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Extenuating Circumstances: Factors that could not reasonably have been anticipated or avoided in advance of the request for accommodation or limited situations in which unforeseen or unavoidable events prevent prompt processing and delivery of an accommodation.(e.g., identified software such as a Screen Reader is not compatible with existing equipment).It is intended to be a flexible approach that centers on the communication between an employer and the individual requesting reasonable accommodation, but may (and often does) involve obtaining relevant information from a supervisor and an individual's health care provider.This process begins upon receipt of an oral or written request for reasonable accommodation.The EEOC must consider the resources of the agency as a whole, not simply the budget of a specific office, when determining whether an accommodation imposes significant cost; however, the EEOC does not have to include any funding Congress designates for a specific purpose that does not include provision of reasonable accommodation (, money the EEOC must forward to FEPAs).The EEOC also must consider money available through a centralized fund it has created to pay for many forms of reasonable accommodation, as well as the ability to access the Department of Defense's Computer/Electronic Accommodations Program (CAP) to pay for certain equipment.
Qualified: An individual with a disability is qualified for the position that such individual holds or desires if the individual (1) satisfies the requisite skill, experience, education, and other job-related requirements of the position, and (2) can perform the essential functions of the position, with or without reasonable accommodation.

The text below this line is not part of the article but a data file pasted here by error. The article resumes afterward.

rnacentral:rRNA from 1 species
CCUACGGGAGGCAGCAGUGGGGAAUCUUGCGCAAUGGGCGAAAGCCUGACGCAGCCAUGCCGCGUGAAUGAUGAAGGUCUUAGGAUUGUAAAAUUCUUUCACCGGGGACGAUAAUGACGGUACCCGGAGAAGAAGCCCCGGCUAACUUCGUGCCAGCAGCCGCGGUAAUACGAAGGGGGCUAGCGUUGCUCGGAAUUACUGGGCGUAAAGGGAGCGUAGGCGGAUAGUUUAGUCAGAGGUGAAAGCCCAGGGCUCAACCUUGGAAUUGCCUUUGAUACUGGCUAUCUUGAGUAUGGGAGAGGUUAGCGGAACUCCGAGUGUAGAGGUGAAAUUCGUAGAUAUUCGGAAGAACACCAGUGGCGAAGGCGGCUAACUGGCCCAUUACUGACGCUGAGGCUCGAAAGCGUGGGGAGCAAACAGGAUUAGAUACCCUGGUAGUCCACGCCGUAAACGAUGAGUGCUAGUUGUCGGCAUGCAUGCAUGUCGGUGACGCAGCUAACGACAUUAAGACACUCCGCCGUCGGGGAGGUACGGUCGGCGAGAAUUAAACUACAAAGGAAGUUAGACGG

Invisible/Hidden Impairments: Disabilities or conditions that are not obviously apparent or visible, such as asthma, arthritis, chronic fatigue syndrome, epilepsy, kidney disease, diabetes, cancer, HIV infection, chronic depression, learning disabilities, autism spectrum disorder, and mild intellectual disability.
Major Life Activities: Major life activities include activities such as caring for oneself, performing manual tasks, seeing, hearing, eating, sleeping, walking, standing, sitting, reaching, lifting, bending, speaking, breathing, learning, reading, concentrating, thinking, communicating, interacting with others, and working.
Generally, an applicant or employee must inform the EEOC of a need for an adjustment or change concerning some aspect of the application process, the job, or a benefit of employment for a reason related to a medical condition.
An individual need not have a particular accommodation in mind before making a request.
Reasonable Accommodation: A reasonable accommodation is any change in the workplace or in the way things are customarily done that provides an equal employment opportunity to an individual with a disability.